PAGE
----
(CNSNews.com) - In the 2000 and 2004 elections, George W. Bush targeted Wisconsin in his presidential campaigns, narrowly losing it in both contests. Even though Wisconsin was again thought to be a swing state in 2012, John McCain lost it that year to Barack Obama by a large margin.
In 2005, in the wake of Bush's narrow 2004 loss in Wisconsin to Sen. John Kerry, Rep. Paul Ryan, who will now be the 2012 Republican vice presidential nominee, explained to National Public Radio why he believed Wisconsin was being increasingly targeted by Republicans in presidential races and why he believed it contained a coalition that would elect conservatives.
"Wisconsin is very much of a Catholic state, a majority pro-life state," Ryan told NPR in a Dec. 31, 2005 interview.
"So I do believe that on moral and cultural values, Wisconsin is definitely a conservative state," said Ryan. "So what we've seen is we've seen a coalition of Second Amendment rights advocates and rugged individualists combined with conservative family values. Those two elements have formed a majority coalition, which I think will be the success of the Republican Party and the future in Wisconsin."
In the 2000 presidential election, Wisconsin had 11 electoral votes. Al Gore defeated George W. Bush there by just 5,708 votes--1,242,987 to 1,237,279. In 2004, Wisconsin dropped to 10 electoral votes as a result of the 2000 Census, and Bush targeted it heavily again in his campaign. Once again he lost, this time by 11,384 votes--1,489,504 to 1,478,120.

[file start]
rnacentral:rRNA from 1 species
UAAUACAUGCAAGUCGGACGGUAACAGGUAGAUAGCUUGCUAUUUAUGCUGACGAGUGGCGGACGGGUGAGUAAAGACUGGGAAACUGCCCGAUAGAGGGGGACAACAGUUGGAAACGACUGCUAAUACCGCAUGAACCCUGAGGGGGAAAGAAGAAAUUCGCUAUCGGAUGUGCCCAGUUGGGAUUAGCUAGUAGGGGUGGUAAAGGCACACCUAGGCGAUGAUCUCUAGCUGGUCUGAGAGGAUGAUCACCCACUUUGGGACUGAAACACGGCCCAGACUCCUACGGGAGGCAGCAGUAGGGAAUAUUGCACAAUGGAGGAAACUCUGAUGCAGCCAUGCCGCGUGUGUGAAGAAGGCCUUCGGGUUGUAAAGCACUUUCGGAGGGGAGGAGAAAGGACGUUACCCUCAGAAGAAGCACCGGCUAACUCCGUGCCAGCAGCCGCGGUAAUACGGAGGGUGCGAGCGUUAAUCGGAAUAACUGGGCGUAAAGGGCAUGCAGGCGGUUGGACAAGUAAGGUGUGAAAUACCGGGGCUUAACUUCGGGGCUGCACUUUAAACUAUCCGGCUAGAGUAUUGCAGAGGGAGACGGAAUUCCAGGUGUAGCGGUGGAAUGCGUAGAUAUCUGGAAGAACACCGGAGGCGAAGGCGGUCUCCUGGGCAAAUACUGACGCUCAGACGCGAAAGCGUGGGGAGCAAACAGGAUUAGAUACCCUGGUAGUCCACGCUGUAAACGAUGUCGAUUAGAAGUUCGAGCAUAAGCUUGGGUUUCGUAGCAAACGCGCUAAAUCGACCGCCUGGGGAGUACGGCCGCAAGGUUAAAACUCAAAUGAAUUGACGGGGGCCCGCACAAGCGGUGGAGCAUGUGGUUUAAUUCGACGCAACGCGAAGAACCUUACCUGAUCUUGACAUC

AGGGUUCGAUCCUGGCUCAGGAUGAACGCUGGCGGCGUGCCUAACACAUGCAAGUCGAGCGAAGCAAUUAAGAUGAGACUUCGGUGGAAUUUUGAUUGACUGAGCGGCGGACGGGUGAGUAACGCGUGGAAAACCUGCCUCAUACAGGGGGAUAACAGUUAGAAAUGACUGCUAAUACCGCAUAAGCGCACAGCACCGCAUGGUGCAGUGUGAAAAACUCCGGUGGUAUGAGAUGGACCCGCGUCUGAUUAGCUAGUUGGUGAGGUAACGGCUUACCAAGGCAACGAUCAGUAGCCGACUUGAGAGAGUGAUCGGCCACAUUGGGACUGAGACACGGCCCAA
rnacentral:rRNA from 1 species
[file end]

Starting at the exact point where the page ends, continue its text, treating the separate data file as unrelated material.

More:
In 2008, Obama defeated McCain by a large margin in Wisconsin. Taking the state by 414,818 votes--1,677,211 to 1,262,393.
In November 2010, Republican Scott Walker, an evangelical Christian was elected governor of Wisconsin. Walker is a staunch conservative on both fiscal and social issues, declaring himself "100% pro-life."
In 2011, Walker pushed through legislation that required state workers to contribute 5.8 percent of their wages to their pension plans and pay 12.6 percent of to their health insurance premiums. While exempting firefighters and law enforcement officers, the law Walker championed required that when public sector unions negotiated a wage increase above the rate of inflation that wage increase would need to be approved by a voter referendum.
The unions rebelled against Walker and he was subject to a recall election. The recall was held on June 5 and Walker defeated Democratic Milwaukee Mayor Tom Barrett, 53 percent to 46 percent.
Wisconsin retains 10 electoral votes in the 2012 election.